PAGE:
Rise in retail turnover is encouraging

The latest seasonally adjusted Retail Trade Figures from the Australian Bureau of Statistics have revealed some encouraging signs for Australia’s retail sector, which saw a turnover rise of 0.4 per cent during the month of January.

The January rise follows a 0.2 per cent climb in December, culminating in the fastest retail turnover rise in three months and the eighth consecutive month to experience a rise in retail spending.

Cafes, restaurants and takeaway food services were found to be the largest contributors to the rise, climbing 2.0 per cent during January. Department stores (2.2. per cent), other retailing (1.0 per cent) and household goods retailing (0.7 per cent) were also up.

Small Business Minister Bruce Billson called the latest Retail Trade results “encouraging news” for the 127,000 small businesses operating in the retail sector.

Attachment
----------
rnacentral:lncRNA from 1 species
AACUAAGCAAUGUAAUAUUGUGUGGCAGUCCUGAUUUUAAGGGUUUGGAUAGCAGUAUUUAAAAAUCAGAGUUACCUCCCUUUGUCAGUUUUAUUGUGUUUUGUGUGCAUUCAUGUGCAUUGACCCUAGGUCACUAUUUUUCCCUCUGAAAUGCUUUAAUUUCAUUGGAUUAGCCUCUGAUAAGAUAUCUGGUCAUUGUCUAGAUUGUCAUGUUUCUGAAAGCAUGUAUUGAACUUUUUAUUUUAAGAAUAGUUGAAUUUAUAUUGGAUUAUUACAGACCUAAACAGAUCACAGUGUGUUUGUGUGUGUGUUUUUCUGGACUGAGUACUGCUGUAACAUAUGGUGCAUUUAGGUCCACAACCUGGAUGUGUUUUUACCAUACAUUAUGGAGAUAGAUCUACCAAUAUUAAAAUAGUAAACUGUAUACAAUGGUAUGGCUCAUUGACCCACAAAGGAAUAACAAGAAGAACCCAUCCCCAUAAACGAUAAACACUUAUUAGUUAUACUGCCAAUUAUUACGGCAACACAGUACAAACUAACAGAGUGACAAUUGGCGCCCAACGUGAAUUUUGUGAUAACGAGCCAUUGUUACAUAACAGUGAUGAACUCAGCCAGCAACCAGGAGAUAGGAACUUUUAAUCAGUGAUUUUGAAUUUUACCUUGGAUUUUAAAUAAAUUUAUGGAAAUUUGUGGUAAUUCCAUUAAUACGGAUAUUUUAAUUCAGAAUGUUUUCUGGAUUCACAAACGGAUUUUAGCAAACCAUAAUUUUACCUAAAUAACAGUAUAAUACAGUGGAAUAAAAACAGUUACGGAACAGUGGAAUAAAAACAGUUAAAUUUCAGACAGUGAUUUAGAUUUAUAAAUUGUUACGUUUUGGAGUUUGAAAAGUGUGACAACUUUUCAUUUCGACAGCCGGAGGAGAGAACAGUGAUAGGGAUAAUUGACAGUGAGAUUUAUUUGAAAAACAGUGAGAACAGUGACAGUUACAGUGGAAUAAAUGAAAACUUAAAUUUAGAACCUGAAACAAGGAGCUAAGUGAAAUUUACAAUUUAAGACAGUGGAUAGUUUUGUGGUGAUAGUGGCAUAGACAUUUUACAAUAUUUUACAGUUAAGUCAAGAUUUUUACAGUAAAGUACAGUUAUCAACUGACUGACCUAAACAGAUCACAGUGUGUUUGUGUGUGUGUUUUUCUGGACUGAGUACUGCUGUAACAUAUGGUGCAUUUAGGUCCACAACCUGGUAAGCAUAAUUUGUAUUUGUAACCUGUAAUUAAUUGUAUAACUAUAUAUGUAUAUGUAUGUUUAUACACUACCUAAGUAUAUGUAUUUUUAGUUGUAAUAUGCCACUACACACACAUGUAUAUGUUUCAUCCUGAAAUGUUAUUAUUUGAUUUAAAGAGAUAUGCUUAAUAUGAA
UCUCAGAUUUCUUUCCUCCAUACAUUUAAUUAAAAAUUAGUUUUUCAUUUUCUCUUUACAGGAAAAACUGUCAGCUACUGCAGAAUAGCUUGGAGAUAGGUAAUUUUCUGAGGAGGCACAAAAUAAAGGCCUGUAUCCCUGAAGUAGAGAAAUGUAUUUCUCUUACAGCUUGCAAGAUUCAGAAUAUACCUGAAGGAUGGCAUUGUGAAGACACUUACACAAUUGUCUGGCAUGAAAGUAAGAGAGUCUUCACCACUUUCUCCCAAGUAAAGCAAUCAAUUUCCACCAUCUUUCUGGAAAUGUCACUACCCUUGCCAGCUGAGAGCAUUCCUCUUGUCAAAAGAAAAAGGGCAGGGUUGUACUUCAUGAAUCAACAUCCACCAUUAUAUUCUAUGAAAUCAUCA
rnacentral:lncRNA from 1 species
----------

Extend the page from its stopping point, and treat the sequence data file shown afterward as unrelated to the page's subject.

“Total retail spending was $23.88 billion in January, up from $23.79 billion in December. In trend terms, Australian turnover rose 3.1 per cent in January 2015 compared with January 2014.”

Food retailing (0.7 per cent) and clothing, footwear and personal accessory retailing (0.1 per cent) saw slight drops in turnover.

Tasmania saw the biggest rise in seasonally adjusted state turnovers, registering a rise of 1.9 per cent. Queensland (1.2 per cent), Victoria (0.5 per cent), and Western Australian (0.1 per cent) followed behind. New South Wales (0.0 per cent) remained unchanged, while the ACT (1.9 per cent), the Northern Territory (-1.8 per cent) and South Australia (-0.1 per cent) experienced drops.

“Holiday activity and sale promotions on the back of low interest rates and low petrol prices delivered a boost to retail sales in January particularly for cafes and restaurants and department stores,” Australian National Retailers’ Association (ANRA) CEO Anna McPhee said.

“Today’s result is the eighth consecutive monthly rise in retail spending and retailers will feel buoyed by the positive start to 2015. Time will tell if more needs to be done to stimulate further improvements in retail activity and the recurring benefits this delivers to the economy more broadly.”

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